In an increasingly globalised world where English is more or less the undisputed international language of business, what place is there for multilingualism? Several global companies believe that foreign languages, specifically German, play an important role in helping employees integrate into today’s multicultural workplace.
The software giant SAP, which has its headquarters in Walldorf, is one such company. Though it conducts its business meetings, telephone conversations and written correspondence in English, it firmly believes that diversity plays a big part in creativity, innovation and progress. That’s why it invests strongly in German lessons for its foreign employees and, in some cases, their families. It’s all part of an ethos which holds that employees who learn German are more content and well-adjusted and work better. It’s not a unique view either; Siemens is another global player investing in German lessons for its staff through e-learning and targeted German lessons.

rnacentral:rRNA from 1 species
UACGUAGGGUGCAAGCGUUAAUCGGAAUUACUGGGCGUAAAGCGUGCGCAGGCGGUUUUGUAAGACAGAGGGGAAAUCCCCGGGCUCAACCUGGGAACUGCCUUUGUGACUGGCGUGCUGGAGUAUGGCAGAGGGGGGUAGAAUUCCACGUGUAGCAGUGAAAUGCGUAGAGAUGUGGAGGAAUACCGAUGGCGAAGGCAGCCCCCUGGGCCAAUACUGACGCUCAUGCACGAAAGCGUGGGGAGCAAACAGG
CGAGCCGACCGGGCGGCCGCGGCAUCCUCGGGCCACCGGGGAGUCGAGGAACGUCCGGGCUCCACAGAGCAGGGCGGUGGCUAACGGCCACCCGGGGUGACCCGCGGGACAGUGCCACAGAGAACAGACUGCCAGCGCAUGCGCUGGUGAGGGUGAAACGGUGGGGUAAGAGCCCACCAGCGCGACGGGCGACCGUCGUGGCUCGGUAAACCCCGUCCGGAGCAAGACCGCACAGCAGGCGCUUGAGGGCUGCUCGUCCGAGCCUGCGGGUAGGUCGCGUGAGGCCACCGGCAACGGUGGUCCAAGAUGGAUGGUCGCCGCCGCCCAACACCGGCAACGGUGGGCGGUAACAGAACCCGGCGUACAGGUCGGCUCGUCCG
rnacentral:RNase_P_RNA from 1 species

There can be little doubt that mutual knowledge of a language apart from English promotes better integration and understanding between colleagues and business associates, wherever they are based in the world. German, the most spoken native language in Western Europe, retains its place as an important language of business and politics. It is undoubtedly the foreign language of choice for those who subscribe to this philosophy. If you’re one of them, you may wish to see what our corporate German lessons can offer you and your employees.